Interviews

Unlike veterinary school applications, interviews are actually not a huge part of the VIRMP application process. Many programs do not even conduct interviews and those that do are usually less formal than traditional veterinary school interviews. These interviews often last less than 45 minutes and often include a mix of basic professional skill/interest questions, walking through a mock emergency case, and informal conversations about your hobbies and personal life. It is good to check on the program description page to see if the programs you applied to plan to conduct interviews. If they do not clearly specify, do not be afraid to introduce yourself over email to the program coordinator and request more information about their possible interview process.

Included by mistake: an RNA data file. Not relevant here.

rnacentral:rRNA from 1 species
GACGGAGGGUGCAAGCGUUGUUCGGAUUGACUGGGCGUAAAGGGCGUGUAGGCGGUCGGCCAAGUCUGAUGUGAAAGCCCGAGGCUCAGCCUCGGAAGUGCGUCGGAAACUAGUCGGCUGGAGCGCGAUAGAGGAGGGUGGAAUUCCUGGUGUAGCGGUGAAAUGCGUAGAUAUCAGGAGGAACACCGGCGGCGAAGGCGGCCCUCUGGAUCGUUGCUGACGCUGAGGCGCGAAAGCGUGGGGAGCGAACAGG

If you are requested to attend an interview, you should prepare as you would for any job interview. Prepare answers for basic questions about your professional interests, strengths, weaknesses, hobbies, etc. It is always a good idea to look up specific information about the practice and even better if you can look up some facts about your interviewer beforehand. Lastly, while it is impossible to prepare for the myriad of specific veterinary medical questions you could be asked in a case series, it is not a bad idea to review your basic emergency medicine and triage notes as most intern programs have a heavy emergency focus.

While COVID restrictions are lifting across the country, the pandemic opened the flood gates for the convenience of zoom interviews that will probably remain open for years to come if not indefinitely. So, while visiting programs would be wonderful if you have the time and funds, do not be afraid to suggest a zoom interview if traveling is not an option for you. Just be sure to take all the appropriate zoom interview precautions (wear professional clothes, ensure good lighting, clean your room, control your noisy roommates and pets)!